Treaty talks began in Uruguay in December 2022 After Rwanda and Peru proposed the resolution that launched the process in March 2022. Progress has been slow during Paris talks in May 2023 And in Nairobi in November While countries discussed the rules of this process.

When thousands of negotiators and observers arrived in Ottawa, Luis Villas Valdivieso, chair of the commission from Ecuador, reminded them of their goal of achieving a future free of plastic pollution. He asked them to be ambitious.

Delegates discussed not only the scope of the treaty, but also chemicals of concern, problematic and avoidable plastics, product design, financing and implementation.

FILE - Environment and Climate Change Minister Stephen Guilbault is seen as chair of the intergovernmental negotiating committee Ambassador Luis Villas Valdivieso speaks during a news conference, April 23, 2024, in Ottawa, Ontario.  (Adrian Wilde/The Canadian Press via AP, File)

Environment and Climate Change Minister Stephen Guilbault seen as chair of the Intergovernmental Negotiating Committee Ambassador Luis Villas Valdivieso speaks during a news conference, April 23, 2024, in Ottawa, Ontario. (Adrian Wild/The Canadian Press via AP)

Delegates also simplified the unwieldy set of options that emerged from the last meeting.

“We have taken a big step forward after two years of much discussion. We now have a text to negotiate,” said Björn Biller, international coordinator of the International Pollution Elimination Network. “Unfortunately, more political will is needed to address the rising plastic production that “It got out of control.”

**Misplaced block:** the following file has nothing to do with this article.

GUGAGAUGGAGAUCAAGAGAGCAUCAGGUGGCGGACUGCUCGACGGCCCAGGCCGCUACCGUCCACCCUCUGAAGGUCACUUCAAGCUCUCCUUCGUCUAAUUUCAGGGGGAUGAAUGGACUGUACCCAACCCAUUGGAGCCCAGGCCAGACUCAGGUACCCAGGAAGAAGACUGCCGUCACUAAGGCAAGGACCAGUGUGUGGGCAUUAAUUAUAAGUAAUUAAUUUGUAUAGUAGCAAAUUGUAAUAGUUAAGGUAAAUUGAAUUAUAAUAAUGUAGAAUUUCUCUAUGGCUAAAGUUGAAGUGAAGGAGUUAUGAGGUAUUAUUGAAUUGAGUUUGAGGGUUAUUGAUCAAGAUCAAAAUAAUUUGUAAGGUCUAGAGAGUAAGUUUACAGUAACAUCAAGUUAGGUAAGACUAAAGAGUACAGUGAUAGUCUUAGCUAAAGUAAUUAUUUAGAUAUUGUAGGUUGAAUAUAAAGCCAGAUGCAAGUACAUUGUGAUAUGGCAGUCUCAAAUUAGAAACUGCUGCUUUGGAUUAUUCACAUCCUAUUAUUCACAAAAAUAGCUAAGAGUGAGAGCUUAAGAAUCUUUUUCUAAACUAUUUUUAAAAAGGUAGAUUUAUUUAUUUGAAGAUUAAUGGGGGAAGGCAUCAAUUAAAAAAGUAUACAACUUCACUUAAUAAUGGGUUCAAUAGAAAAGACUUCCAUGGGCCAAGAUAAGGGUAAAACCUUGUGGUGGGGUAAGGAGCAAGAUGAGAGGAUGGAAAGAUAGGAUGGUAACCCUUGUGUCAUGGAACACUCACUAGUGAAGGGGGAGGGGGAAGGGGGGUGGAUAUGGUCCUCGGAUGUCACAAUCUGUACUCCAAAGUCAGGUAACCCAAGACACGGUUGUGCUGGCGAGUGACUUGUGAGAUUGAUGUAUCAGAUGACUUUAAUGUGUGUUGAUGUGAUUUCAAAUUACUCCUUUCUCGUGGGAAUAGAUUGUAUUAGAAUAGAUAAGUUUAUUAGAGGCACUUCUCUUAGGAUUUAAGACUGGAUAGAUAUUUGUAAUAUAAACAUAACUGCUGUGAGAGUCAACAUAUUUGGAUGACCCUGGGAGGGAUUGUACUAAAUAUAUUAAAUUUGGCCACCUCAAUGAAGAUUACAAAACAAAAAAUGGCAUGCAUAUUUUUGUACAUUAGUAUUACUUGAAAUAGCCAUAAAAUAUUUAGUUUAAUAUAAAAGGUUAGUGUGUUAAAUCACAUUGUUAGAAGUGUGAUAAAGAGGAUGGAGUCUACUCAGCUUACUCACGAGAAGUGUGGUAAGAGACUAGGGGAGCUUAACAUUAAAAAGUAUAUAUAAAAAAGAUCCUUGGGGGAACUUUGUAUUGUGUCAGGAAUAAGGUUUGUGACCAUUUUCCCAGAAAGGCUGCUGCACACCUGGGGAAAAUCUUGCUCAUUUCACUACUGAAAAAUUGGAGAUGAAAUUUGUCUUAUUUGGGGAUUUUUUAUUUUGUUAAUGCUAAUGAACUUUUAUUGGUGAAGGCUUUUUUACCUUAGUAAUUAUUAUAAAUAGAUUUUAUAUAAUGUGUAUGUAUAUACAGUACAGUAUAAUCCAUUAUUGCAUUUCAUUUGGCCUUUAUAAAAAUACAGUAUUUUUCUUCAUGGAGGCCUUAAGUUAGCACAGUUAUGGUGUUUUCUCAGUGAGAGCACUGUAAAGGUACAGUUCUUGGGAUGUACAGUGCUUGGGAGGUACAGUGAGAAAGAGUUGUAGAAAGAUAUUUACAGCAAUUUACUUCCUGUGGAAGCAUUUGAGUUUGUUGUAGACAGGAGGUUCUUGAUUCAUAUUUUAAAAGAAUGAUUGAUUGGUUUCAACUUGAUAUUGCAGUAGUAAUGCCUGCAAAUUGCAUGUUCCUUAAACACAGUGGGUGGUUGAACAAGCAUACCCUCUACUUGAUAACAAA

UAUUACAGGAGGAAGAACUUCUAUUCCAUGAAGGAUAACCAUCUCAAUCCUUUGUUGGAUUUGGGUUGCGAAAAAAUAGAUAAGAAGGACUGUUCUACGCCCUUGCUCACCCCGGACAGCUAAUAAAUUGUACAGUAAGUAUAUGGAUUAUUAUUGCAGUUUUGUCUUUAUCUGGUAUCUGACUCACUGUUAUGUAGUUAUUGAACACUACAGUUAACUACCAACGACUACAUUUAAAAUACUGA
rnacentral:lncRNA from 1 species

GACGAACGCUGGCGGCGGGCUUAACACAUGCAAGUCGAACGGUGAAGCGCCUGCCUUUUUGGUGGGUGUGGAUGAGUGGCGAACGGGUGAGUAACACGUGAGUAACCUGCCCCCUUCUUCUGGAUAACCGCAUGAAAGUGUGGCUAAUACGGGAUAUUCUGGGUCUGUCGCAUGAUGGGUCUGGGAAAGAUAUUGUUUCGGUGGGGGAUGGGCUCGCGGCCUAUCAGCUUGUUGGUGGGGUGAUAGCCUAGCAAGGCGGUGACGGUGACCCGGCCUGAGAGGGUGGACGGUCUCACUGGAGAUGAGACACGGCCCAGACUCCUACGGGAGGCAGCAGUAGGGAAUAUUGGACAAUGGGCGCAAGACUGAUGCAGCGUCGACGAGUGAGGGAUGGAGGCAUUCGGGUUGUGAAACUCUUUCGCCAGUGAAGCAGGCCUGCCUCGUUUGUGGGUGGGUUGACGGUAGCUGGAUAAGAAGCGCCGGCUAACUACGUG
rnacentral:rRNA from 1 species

Many traveled to Ottawa from communities affected by the plastics industry and pollution. Residents of Louisiana and Texas who live near petrochemical plants and refineries distributed postcards addressed to the US State Department saying: “I wish you were here.”

They traveled together as a group from the Break Free From Plastic movement, asking negotiators to visit their states to experience air and water pollution firsthand.

“This is still the best option we have to see change in our communities. They have been taken over by corporations. I can't go to parish government,” said Joe Banner, of St. John the Baptist Parish in Louisiana. “I feel like this is the only chance I have.” I own it and hope to help my community recover and heal from this.”

Members of the Indigenous Caucus held a news conference on Saturday to say microplastics are contaminating their food supply and that the pollution threatens their communities and ways of life that are guaranteed to them forever. They felt that their voices were not heard.

“We have bigger stakes. These are our ancestral lands that have become polluted with plastic,” Jorisa Lee from New Zealand said after the event. “We are the rights holders, not the stakeholders. We should have more space to speak and make decisions than the people who are causing the problem.

In the Bay of Plenty, a seafood hotspot on New Zealand's north coast, sediments and shellfish are filled with tiny plastic particles. Lee added that they regard nature's “resources” as treasures.

“Indigenous ways can lead the way,” Lee said. “What we are doing now is clearly not working.”

Vi Waghiyi traveled from Alaska to represent indigenous peoples of the Arctic. It reminds decision-makers that this treaty must protect people from plastic pollution for future generations.

“We came here to be the conscience, to make sure they make the right decision for all people,” she said.